Exhaustion Dominated Performance : Methodology, Tools and Empirical Experiments
Problem with application sensitivity to insufficient resources in High Performance Computing (HPC) clusters has been a longstanding issue of concern for industries. In this thesis we propose a method based on a black box approach for characterization and analysis of engineering simulation applications with respect to available hardware resources in the situation of resource depletion. The basis of this hypothesis is the existence of one dominating bottleneck at any given moment during execution time. This method suggests that engineering simulation application’s behavior to exhaustion can be explained as an approximately linear dependency of execution time for the problem at hand.
Verification of this hypothesis required accurate non-intrusive measurement, precise methods and tools for individual depletion of hardware resources. The results of these efforts were methods for depletion of available bandwidth, available RAM memory, processor capacity of compute nodes and practical guidelines for recognition of bottlenecks.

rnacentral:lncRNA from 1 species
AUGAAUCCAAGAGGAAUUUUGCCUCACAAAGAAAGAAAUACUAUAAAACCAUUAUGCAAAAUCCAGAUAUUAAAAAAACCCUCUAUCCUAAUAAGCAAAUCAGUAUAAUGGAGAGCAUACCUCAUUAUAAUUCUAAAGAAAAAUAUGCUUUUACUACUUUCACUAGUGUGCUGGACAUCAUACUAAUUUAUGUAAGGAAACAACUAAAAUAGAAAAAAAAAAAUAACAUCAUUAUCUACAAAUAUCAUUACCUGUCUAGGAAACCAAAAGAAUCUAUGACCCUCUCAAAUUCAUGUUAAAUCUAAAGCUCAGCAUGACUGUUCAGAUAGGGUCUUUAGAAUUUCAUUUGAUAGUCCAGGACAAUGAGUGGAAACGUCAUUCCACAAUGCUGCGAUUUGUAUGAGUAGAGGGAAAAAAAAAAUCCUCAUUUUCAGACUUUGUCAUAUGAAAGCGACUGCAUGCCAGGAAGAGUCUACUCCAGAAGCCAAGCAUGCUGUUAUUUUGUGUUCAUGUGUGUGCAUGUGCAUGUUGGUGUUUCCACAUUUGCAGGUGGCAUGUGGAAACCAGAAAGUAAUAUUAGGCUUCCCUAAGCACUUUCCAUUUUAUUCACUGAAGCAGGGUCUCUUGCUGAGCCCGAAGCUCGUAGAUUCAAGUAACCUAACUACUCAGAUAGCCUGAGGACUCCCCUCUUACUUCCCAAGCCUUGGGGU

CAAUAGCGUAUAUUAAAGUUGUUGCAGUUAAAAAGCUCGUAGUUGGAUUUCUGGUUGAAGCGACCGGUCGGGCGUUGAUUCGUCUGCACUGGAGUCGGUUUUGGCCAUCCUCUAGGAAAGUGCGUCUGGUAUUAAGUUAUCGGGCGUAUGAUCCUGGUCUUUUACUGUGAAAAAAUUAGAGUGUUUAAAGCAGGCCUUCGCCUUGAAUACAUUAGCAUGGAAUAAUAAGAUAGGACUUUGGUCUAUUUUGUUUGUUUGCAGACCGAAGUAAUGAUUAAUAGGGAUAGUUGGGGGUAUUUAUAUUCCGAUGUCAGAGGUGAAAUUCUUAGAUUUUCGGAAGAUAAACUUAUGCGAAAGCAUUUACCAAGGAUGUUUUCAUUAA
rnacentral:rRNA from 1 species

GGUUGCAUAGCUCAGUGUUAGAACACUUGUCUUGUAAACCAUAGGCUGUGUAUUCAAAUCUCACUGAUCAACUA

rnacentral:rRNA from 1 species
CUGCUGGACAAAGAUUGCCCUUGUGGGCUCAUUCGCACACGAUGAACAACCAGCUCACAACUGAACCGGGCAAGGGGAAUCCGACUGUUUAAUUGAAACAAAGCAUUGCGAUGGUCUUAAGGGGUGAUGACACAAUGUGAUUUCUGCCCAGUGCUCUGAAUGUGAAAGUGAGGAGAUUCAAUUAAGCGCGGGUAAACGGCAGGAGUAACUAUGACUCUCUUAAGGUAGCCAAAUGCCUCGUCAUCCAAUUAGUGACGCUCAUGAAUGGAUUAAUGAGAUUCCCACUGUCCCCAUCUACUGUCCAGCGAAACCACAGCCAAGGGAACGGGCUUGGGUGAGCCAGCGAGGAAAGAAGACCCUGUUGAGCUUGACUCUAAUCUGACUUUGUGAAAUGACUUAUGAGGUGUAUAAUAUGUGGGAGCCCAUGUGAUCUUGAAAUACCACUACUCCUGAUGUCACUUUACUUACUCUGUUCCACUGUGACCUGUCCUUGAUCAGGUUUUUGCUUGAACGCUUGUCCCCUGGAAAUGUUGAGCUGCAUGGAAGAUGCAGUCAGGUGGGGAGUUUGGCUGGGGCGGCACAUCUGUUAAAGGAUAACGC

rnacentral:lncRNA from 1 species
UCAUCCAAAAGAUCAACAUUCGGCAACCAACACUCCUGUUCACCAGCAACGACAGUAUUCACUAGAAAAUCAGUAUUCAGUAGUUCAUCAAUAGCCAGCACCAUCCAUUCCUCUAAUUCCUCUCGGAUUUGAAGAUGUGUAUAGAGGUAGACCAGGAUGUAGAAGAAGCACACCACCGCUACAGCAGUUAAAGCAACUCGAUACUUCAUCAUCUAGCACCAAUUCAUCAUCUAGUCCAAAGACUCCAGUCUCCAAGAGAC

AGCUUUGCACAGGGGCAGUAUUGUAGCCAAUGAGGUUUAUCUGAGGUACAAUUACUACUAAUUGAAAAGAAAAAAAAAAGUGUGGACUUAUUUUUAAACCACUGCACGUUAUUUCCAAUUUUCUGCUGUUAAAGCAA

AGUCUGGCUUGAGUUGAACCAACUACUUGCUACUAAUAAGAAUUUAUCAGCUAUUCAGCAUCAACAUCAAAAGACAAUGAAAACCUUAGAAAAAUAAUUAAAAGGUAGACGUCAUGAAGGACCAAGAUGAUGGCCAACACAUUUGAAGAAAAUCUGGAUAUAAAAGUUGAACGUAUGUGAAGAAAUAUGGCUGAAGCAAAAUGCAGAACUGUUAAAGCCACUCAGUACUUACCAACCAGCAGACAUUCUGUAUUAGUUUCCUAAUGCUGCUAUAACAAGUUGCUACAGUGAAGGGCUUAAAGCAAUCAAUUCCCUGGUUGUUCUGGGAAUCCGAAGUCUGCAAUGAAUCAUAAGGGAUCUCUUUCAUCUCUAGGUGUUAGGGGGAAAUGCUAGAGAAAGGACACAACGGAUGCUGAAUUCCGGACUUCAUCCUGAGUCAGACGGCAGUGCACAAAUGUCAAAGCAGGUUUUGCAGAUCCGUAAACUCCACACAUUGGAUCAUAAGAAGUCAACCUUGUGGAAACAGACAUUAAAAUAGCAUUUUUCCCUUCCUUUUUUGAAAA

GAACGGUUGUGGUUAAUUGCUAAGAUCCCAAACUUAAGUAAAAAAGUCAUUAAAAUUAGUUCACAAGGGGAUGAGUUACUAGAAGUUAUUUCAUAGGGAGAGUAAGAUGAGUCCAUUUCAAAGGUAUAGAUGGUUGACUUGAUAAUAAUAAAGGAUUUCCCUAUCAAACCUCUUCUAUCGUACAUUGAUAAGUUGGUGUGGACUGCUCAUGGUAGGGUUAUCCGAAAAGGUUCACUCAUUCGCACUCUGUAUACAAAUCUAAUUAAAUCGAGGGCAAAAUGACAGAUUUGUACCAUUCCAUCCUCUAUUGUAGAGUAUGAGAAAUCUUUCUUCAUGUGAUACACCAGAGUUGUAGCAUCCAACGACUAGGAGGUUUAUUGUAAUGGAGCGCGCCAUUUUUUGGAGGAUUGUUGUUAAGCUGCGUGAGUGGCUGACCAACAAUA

The method of bandwidth depletion succeeded to decrease the available bandwidth, by generating stable and robust network traffic, with only 0.5% deviation from the desired target with a maximum variance of approximately 1%.
Furthermore, the method for depletion of processor capacity resulted to a successful to generate artificial CPU load and occupy as well as 90% of the processor capacity. The verification for this tool confirmed the accuracy of 0.11% median deviation. The error range for attempts for a target load lay between 0.00% at minimum and 1.04% at maximum.
Our experiments with HPL and Fluent whilst exhausting the RAM memory and the available bandwidth of the computer cluster, confirmed that our proposed method for analysis and recognition of bottlenecks is fully applicable and a viable option for characterization in this domain.
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